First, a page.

It may only be day one of our tour, but by nightfall we’ll have visited walled towns, isolated islands and magnificent castles. Depart Edinburgh, travelling south, we cross the border into England providing the weather is on our side, weÂ take the causeway at low tide to the Holy Island of Lindisfarne and discover the dramatic ruins of Lindisfarne Priory. When we arrive at Alnwick (pronounced annick) Castle, we’ll be welcomed into the majestic home of the Duke of Northumberland, where we see inside the state rooms, spot the sets used in episodes of Downton Abbey and hear tales of crusades and chivalry. The gardens at Alnwick have some spectacular displays, and feature a magnificent treehouse. (D)
The Normans made their mark on this part of England, and possibly the finest example ofthis is in Durham. Today we’ll step inside the Cathedral, a magnificent achitectural monument now designated a UNESCO World Heritage Site. Our route carries us to the water, with a stop-off at Staithes once the north east’s largest fishingport. But our destination is Whitby. This pretty-as-a-picture harbour town is where we find colourful cottages and boat sails nodding in the breeze. Looking up at the shadowy abbey, you’ll see what inspired the first chapters of Bram Stoker’s Dracula. But he’s not the only famous name to have a history entwined in Whitby. Our final port of call is the museum that chronicles Captain Cook’s training as a novice seaman, before he embarked on his epic voyages of discovery. After all that sea air, arriving at a warm and welcoming country house on the fringes of the dramatic North York Moors is wonderful. (B, D)
Driving through the Peak District, with some of England’s finest scenery rippling outaround us, is a real joy. We stretch our legs on a morning stroll at Chatsworth House, infused with Elizabethan history and contemporary culture. See the stunning architecture said to have inspired Jane Austen and the rooms that featured in the film Pride and Pejudice. Afterwards we head to Blue John Cavern, an enchanting network of caves.(B)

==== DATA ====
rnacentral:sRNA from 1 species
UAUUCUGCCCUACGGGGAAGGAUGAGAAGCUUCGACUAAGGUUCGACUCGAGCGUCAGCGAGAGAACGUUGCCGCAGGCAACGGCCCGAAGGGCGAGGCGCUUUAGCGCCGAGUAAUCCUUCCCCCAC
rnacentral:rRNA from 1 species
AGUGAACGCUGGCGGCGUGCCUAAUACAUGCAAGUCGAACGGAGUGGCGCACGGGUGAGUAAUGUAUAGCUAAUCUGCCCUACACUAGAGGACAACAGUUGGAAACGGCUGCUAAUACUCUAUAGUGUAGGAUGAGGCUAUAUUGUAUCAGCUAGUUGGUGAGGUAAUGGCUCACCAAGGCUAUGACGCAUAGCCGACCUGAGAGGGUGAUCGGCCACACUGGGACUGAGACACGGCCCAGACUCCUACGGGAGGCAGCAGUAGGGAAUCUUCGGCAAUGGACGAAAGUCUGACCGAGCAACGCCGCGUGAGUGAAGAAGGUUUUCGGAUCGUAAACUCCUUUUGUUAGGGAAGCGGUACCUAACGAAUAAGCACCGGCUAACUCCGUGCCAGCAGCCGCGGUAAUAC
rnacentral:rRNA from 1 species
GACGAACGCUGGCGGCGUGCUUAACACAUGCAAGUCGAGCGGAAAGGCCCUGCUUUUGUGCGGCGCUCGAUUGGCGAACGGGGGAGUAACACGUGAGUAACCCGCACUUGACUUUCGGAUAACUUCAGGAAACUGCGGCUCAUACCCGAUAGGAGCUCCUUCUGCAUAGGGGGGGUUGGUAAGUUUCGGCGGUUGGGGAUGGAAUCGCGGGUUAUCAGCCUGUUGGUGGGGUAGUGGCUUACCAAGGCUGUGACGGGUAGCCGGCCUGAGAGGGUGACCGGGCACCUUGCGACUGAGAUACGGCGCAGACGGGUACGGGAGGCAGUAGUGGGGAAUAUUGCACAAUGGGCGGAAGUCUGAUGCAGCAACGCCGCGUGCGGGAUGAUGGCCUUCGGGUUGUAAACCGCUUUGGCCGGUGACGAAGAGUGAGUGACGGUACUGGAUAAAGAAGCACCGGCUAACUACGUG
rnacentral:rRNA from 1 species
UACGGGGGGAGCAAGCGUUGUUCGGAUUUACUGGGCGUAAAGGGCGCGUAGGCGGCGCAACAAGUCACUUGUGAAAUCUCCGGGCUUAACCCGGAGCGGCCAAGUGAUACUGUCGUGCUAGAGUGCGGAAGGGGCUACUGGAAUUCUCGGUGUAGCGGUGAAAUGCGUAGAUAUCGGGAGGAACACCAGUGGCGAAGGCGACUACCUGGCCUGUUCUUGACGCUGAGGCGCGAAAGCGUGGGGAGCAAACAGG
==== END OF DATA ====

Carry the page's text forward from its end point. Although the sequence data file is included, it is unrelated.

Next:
We have a date with royalty today as we pay a visit to the Sandringham Estate. The private residence of Her Majesty The Queen is a magnificent statelyhouse with picturesque gardens and even a museum. No less majestic is Ely Cathedral, which is our final stop toda. Marvel at the serenity of the light-filled Lady Chapel, admie the kaleidoscopic stained glass windows or take a deep breath and climb to the top of one of the Cathedral’s towers for staggering views. (B)
Admire the beautiful 'Backs' of Cambridge University, spotting world-famous buildings such as The Wren Library and the Bridge of Sighs, as we drift along the River Cam on a traditional punt (boat). Your afternoon in the city is all yours until we meet again for our final evening dinner. Step inside colleges and chapels, museums and galleries. (B, D)
There’s time for one more behind-the-scenes tour so we delve into England’s sporting heritage at Newmarket National Stud. At this working thoroughbred stud farm we may see stallions in the paddocks and, occasionally, foals in the nursery. We’ll see in the end of our tour at Lavenham, a medieval village in rural Suffolk where streets of timber-framed buildings have us feeling as though we’ve stepped back in time. (B)
The Holy Island of Lindisfarne causeway is only accessible at low tide. So please be aware that the time we visit and spend here will depend on the daily tidal variations.
Bakewell is both an exciting place to visit and relaxing market town to explore, and it is full of history and sits in a stunning countryside setting. The Breathtaking scenery is magnificent, a true walkers paradise.
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